June 1940: At the start of World War II, Elspeth’s daughter, Margaret, has fallen for a pilot in the Royal Air Force. Her mother warns her against seeking love in wartime, an admonition Margaret doesn’t understand. Then, after a bomb rocks Elspeth’s house, and letters that were hidden in a wall come raining down, Elspeth disappears. Only a single letter remains as a clue to Elspeth’s whereabouts. As Margaret sets out to discover where her mother has gone, she must also face the truth of what happened to her family long ago.

Sparkling with charm and full of captivating period detail, Letters from Skye is a testament to the power of love to overcome great adversity, and marks Jessica Brockmole as a stunning new literary voice.

Book Review:

When I read the premise of this story, I was instantly excited: I love books that manage to tell a story using correspondence from characters and many of my favorite reads have used actual correspondence from historical characters to elucidate the story and provide insight into the people that are long gone.

Brockmore creates that same elucidation in her fictional characters, giving us a sense of their voice and what is important to them as they impart stories of their daily activities in letters.  The use of the letters brings an instant connection to the character’s thoughts and approach as the text brings their voices forward, clearly and distinctly, and draws you into the story unlike a long introduction would have.

First up is Elspeth, a published poetess living in Skye.  Her correspondence starts when David, an American university student sends her a fan letter, and they begin to correspond as pen pals.  The contrast in the two styles, the scenery and life depictions are deliciously penned with a subtle use of voicing changes to illustrate the deepening connection between the two.  With screenshots that depict the Isle of Skye, and Elspeth’s rhythmical use of language both feel totally of the moment (early 20th century) and totally modern.  When the war intercedes and David’s tales are more filled with danger and that curious mix of bravado and fear, the moments are as clearly depicted as a film, and the slow revelation of the connection that is deeper than friendship starts to appear.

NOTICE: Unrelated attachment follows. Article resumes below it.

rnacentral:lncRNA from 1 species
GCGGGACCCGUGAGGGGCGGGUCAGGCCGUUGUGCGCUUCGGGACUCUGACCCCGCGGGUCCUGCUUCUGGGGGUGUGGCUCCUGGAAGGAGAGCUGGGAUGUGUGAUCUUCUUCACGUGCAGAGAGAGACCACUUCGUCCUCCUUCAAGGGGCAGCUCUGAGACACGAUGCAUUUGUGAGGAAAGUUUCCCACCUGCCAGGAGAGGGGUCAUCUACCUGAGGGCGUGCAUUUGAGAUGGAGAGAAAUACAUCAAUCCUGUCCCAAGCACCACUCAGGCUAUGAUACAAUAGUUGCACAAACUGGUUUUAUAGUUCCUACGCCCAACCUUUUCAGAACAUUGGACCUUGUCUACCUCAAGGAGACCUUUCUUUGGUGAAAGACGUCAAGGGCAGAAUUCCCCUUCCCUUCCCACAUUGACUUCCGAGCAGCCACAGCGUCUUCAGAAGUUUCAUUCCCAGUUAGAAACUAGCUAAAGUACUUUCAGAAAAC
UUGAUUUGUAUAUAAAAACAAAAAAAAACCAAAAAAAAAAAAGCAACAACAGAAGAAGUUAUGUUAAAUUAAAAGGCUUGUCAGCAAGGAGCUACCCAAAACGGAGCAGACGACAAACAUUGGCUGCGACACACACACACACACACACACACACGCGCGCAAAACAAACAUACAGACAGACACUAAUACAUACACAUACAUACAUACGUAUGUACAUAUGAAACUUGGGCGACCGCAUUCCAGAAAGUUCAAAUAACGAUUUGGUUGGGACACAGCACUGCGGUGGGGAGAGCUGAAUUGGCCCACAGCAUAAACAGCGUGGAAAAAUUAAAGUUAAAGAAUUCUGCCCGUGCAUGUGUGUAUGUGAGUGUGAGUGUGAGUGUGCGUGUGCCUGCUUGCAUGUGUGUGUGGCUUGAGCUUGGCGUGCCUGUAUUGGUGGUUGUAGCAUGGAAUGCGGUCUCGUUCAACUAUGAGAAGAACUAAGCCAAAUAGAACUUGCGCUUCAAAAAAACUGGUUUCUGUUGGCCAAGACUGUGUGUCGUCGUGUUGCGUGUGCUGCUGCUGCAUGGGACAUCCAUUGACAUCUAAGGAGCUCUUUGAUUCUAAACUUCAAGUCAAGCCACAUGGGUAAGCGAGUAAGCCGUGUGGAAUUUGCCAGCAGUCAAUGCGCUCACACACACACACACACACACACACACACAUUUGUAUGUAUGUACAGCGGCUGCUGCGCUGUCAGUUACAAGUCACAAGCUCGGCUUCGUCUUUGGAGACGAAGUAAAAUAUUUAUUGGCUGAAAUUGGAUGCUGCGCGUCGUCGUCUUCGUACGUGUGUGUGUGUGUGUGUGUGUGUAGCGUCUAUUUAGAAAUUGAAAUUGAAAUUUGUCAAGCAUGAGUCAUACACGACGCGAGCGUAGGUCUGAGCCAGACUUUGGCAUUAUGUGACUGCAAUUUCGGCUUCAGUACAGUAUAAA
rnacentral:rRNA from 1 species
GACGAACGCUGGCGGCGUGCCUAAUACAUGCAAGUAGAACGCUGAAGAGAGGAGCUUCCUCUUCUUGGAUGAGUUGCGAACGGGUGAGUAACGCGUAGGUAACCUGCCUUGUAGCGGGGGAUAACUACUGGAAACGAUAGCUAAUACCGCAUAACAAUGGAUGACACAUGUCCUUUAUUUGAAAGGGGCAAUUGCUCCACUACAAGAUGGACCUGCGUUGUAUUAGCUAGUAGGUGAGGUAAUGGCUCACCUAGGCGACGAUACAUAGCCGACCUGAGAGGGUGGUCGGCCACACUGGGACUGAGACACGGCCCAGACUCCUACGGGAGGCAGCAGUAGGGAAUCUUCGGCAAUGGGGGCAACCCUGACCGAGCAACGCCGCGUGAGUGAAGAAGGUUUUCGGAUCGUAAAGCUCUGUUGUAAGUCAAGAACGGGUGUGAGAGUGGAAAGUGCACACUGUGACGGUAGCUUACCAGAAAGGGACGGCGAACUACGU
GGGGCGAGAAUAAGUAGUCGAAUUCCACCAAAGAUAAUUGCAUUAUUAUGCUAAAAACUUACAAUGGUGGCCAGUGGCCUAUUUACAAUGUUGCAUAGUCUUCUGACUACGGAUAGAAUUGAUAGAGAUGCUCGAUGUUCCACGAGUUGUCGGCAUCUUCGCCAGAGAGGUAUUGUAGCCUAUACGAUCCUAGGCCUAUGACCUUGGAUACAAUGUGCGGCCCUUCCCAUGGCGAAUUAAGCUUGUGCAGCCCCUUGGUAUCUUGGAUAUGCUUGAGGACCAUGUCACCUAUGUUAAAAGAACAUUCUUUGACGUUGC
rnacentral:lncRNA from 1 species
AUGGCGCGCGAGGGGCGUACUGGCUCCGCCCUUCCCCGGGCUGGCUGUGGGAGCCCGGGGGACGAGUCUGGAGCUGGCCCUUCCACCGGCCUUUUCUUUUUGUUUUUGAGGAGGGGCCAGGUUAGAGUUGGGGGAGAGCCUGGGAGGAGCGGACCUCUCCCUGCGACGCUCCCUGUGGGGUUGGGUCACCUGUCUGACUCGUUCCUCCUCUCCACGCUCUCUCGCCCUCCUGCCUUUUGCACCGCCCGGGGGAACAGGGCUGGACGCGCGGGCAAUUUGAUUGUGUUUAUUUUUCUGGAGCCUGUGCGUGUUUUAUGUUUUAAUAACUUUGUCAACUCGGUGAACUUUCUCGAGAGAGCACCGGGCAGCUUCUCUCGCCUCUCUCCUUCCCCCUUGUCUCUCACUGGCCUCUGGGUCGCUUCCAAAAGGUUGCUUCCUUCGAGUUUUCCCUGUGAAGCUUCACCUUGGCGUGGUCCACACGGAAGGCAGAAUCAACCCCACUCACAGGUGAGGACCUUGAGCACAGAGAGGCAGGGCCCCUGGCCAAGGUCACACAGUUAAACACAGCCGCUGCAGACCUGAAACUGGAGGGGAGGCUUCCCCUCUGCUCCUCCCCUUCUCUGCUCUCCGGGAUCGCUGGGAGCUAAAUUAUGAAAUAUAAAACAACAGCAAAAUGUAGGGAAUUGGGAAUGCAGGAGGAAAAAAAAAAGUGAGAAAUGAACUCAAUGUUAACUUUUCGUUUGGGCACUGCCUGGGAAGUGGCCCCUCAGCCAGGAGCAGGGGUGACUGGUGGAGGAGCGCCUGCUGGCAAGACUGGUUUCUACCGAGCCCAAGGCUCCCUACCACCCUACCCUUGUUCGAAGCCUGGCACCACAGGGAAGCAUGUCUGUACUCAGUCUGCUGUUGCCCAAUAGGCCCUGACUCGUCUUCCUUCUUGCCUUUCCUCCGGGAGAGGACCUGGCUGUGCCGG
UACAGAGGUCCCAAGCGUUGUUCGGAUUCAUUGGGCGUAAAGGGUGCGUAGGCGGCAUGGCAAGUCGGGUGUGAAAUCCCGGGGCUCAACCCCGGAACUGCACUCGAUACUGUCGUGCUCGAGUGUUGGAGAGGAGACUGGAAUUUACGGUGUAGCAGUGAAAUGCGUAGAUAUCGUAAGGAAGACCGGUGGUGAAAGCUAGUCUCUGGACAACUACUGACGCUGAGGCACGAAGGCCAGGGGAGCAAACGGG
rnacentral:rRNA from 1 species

When Elspeth’s daughter Margaret discovers this cache of letters, her investigations and curiosity are also well documented as she delves into the mystery to discover the why’s of her mother’s hidden life.  While I could easily empathize with her curiosity, I didn’t feel as connected to her, which saddened me.  Not as eloquent as her mother and lacking that connection that was so apparent in the letters between her mother and David, her story was a necessary but less gripping part of the book for me.

Throughout the story the juxtaposition of now and then were running through my mind: the time between letters, the fully fleshed out thoughts and lyrical phrasing so missing in today’s email and text ridden times, and most of all imagining the letters themselves: creased and delicate with evidence of frequent reading.  This was a tremendously satisfying read that incorporated romance, history and even a touch of travelogue into a book that is the perfect read for a quiet afternoon.

I received an ARC copy of the book from the publisher via NetGalley for purpose of honest review.  I was not compensated for this review: all conclusions are my own responsibility. 

Find Jessica Brockmole
Website   §  Facebook  §  @jabrockmole